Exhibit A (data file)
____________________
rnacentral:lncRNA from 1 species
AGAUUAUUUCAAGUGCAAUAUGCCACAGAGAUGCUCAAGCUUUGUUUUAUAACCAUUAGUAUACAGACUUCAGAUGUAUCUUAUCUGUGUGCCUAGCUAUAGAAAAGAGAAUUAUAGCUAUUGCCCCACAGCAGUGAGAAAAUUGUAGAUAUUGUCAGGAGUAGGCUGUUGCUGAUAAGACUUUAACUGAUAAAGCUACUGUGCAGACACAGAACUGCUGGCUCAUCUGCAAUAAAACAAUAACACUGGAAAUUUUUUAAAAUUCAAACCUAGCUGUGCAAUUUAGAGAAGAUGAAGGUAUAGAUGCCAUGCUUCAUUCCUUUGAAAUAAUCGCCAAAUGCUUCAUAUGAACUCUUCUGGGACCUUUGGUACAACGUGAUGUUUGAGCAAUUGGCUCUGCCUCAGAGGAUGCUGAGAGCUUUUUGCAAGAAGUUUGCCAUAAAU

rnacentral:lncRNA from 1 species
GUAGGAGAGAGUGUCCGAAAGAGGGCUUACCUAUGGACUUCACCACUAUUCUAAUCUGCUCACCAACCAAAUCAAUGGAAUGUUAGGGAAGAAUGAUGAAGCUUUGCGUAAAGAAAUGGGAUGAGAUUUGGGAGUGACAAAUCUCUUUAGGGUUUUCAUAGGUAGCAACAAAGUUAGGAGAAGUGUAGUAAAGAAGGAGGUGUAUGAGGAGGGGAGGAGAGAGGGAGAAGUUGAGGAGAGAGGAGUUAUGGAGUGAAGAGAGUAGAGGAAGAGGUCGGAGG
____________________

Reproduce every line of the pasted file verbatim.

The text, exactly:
rnacentral:lncRNA from 1 species
AGAUUAUUUCAAGUGCAAUAUGCCACAGAGAUGCUCAAGCUUUGUUUUAUAACCAUUAGUAUACAGACUUCAGAUGUAUCUUAUCUGUGUGCCUAGCUAUAGAAAAGAGAAUUAUAGCUAUUGCCCCACAGCAGUGAGAAAAUUGUAGAUAUUGUCAGGAGUAGGCUGUUGCUGAUAAGACUUUAACUGAUAAAGCUACUGUGCAGACACAGAACUGCUGGCUCAUCUGCAAUAAAACAAUAACACUGGAAAUUUUUUAAAAUUCAAACCUAGCUGUGCAAUUUAGAGAAGAUGAAGGUAUAGAUGCCAUGCUUCAUUCCUUUGAAAUAAUCGCCAAAUGCUUCAUAUGAACUCUUCUGGGACCUUUGGUACAACGUGAUGUUUGAGCAAUUGGCUCUGCCUCAGAGGAUGCUGAGAGCUUUUUGCAAGAAGUUUGCCAUAAAU

rnacentral:lncRNA from 1 species
GUAGGAGAGAGUGUCCGAAAGAGGGCUUACCUAUGGACUUCACCACUAUUCUAAUCUGCUCACCAACCAAAUCAAUGGAAUGUUAGGGAAGAAUGAUGAAGCUUUGCGUAAAGAAAUGGGAUGAGAUUUGGGAGUGACAAAUCUCUUUAGGGUUUUCAUAGGUAGCAACAAAGUUAGGAGAAGUGUAGUAAAGAAGGAGGUGUAUGAGGAGGGGAGGAGAGAGGGAGAAGUUGAGGAGAGAGGAGUUAUGGAGUGAAGAGAGUAGAGGAAGAGGUCGGAGG